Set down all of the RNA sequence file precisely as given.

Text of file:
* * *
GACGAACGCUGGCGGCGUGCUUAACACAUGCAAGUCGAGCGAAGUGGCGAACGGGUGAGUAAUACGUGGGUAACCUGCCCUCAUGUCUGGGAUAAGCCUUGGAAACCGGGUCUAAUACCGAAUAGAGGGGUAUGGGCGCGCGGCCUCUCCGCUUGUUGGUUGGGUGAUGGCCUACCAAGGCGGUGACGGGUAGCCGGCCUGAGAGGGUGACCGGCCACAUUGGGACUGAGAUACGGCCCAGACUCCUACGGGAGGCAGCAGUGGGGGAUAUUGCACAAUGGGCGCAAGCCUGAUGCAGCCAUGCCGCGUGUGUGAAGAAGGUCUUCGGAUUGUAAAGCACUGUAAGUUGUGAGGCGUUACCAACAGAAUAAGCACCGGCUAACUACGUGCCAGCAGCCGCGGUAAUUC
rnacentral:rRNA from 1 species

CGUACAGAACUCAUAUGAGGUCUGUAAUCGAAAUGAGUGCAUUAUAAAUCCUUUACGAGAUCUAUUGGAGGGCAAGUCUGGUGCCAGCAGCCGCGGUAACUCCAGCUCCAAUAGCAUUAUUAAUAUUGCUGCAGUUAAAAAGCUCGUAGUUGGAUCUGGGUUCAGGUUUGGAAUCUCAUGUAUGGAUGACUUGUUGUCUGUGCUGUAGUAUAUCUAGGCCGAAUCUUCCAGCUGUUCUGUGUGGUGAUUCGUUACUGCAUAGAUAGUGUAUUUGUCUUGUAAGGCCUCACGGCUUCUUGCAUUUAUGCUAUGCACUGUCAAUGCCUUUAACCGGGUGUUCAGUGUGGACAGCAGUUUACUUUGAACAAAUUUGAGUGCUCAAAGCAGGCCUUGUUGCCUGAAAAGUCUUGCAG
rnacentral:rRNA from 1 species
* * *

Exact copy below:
GACGAACGCUGGCGGCGUGCUUAACACAUGCAAGUCGAGCGAAGUGGCGAACGGGUGAGUAAUACGUGGGUAACCUGCCCUCAUGUCUGGGAUAAGCCUUGGAAACCGGGUCUAAUACCGAAUAGAGGGGUAUGGGCGCGCGGCCUCUCCGCUUGUUGGUUGGGUGAUGGCCUACCAAGGCGGUGACGGGUAGCCGGCCUGAGAGGGUGACCGGCCACAUUGGGACUGAGAUACGGCCCAGACUCCUACGGGAGGCAGCAGUGGGGGAUAUUGCACAAUGGGCGCAAGCCUGAUGCAGCCAUGCCGCGUGUGUGAAGAAGGUCUUCGGAUUGUAAAGCACUGUAAGUUGUGAGGCGUUACCAACAGAAUAAGCACCGGCUAACUACGUGCCAGCAGCCGCGGUAAUUC
rnacentral:rRNA from 1 species

CGUACAGAACUCAUAUGAGGUCUGUAAUCGAAAUGAGUGCAUUAUAAAUCCUUUACGAGAUCUAUUGGAGGGCAAGUCUGGUGCCAGCAGCCGCGGUAACUCCAGCUCCAAUAGCAUUAUUAAUAUUGCUGCAGUUAAAAAGCUCGUAGUUGGAUCUGGGUUCAGGUUUGGAAUCUCAUGUAUGGAUGACUUGUUGUCUGUGCUGUAGUAUAUCUAGGCCGAAUCUUCCAGCUGUUCUGUGUGGUGAUUCGUUACUGCAUAGAUAGUGUAUUUGUCUUGUAAGGCCUCACGGCUUCUUGCAUUUAUGCUAUGCACUGUCAAUGCCUUUAACCGGGUGUUCAGUGUGGACAGCAGUUUACUUUGAACAAAUUUGAGUGCUCAAAGCAGGCCUUGUUGCCUGAAAAGUCUUGCAG
rnacentral:rRNA from 1 species